If you want to be a great leader, you’ll avoid these mistakes.

I’ve been a shitty manager. I’d expect others to have telepathic capabilities to the inner workings of my head.

I’d abdicate until someone screwed up following my half-assed instructions, then, I’d be the far too familiar “helicopter manager.”

There are lies we tell ourselves as managers that make us shitty. And downright wrong.

To be an effective leader, you’ll avoid these five lies managers tell themselves.

1) Nobody else can do it but you.

I use to tell myself this. Shit, I still tell myself this.

I’m wrong.

Everyone is replaceable. There’s always someone better. And there’s always someone willing to learn.

The critical question is, are you willing to search to find this person, to pay them well, or train someone to do it?

2) You have to make sure your team is working 8, 9, 12 hours a day.

I’ve used a time clock to track my teams time. Time in, time out.

How stupid! Like they couldn’t screw around in their office.

Silly me.

Managing time is a terrible benchmark. It’s a morale killer. Manage by results instead. In the end, that’s all that matters.

My executive team and I talk about this regularly.

If members of our sales team are crushing their quota and they want to take a 2-hour lunch…why would we say no?

Imagine us stupidly waving a finger and saying, “no, no, no, that’s against policy.”

They’re a significant contribution to our team. They’re meeting quota. A great cultural fit. They’re kind and sincere.

They need to go live life. Be human. And keep kicking ass.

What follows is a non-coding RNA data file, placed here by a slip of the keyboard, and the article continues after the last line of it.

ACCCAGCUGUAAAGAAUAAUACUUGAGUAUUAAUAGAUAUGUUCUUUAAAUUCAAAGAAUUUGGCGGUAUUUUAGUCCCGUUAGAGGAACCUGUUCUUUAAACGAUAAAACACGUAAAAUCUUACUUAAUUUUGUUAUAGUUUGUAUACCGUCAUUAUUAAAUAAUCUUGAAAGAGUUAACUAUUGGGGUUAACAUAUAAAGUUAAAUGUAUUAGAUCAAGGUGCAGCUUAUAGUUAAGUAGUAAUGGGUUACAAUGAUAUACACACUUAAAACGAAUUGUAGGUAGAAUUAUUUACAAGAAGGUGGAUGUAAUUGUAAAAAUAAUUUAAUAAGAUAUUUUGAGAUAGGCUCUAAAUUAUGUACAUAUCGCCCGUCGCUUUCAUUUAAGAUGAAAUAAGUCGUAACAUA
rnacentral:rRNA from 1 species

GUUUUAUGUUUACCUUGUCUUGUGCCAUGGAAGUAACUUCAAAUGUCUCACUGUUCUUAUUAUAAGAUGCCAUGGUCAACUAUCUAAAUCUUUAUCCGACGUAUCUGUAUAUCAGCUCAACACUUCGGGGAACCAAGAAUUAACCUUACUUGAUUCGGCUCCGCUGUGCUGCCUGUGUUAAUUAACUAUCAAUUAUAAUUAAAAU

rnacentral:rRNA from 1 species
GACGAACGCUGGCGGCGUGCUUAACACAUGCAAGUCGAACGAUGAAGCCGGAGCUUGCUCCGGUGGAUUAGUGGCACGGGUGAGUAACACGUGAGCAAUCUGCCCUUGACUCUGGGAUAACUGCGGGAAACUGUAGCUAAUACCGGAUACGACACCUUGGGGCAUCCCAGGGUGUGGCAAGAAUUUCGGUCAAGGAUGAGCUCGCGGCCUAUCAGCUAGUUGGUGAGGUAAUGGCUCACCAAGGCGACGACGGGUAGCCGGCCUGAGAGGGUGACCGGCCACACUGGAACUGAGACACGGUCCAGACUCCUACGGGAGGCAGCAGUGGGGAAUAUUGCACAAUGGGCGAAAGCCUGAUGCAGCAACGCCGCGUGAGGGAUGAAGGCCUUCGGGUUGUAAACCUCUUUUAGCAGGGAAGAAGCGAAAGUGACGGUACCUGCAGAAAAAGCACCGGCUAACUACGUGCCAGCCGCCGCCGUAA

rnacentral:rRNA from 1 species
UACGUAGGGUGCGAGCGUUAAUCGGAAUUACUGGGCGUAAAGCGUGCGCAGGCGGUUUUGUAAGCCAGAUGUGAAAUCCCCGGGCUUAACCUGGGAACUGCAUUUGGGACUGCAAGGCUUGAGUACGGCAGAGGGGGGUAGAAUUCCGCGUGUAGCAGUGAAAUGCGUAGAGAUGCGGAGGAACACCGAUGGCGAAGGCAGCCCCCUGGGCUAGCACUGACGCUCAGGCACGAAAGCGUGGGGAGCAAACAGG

This is true for any position.

3) You have to review all their work to make sure it’s getting done, and no one is making mistakes.

How can anyone effectively learn without making a few mistakes? Impossible.

Hence why doctors don’t start training on live patients. They fail and make mistakes on dummy dolls. So I assume.

And let’s refer back to lie number two. If you’re managing by results, then you don’t need always check their work.

There will be times when you have to micromanage underperformers. You need to drive the results for your organization.

I get it!

But spending a lot of time managing here is a mistake. It’s a lie to tell yourself otherwise.

Lead your average to star performers. Spend time developing them.

This is your A & B level activities.

4) No one wants to work. Everyone is lazy and thinks about the end of the day.

We’re human. So do you!

We want to do human things. Sitting at a desk, pounding at a keyboard like a giant ape for 10 hours is daunting.

We burn out quick.

The reason people don’t want to work is you hired the wrong person, or you’re not motivating them to the bigger picture of their work.

You’re not engaging them. You’re not finding ways to spice up their work life.

Of course, they can’t wait to get home. Home is where tv, love, and fun is.

Work is their second home. Make it feel that way.

5) You know it all and don’t need to read.

It’s amazing how many interviews I’ll go in to and ask, what’s the last book you read, and I’ll get some partially constructed answer.

If you’re not reading and learning daily, how can you possibly grow and lead your team? You can’t!

You might as well be a professor teaching outdated information.

If you want to be a great manager you must be a great reader.

As Harry S. Truman said:

“Not all readers are leaders, but all leaders are readers.”

If one or more of these sounds like you, stop the madness. You’re telling yourself a lie. It’s an excuse.

Fix the problem and become a better manager today.

Thanks for reading!

Be safe. Be humble. Be you!

Your wings,

Nate Anglin



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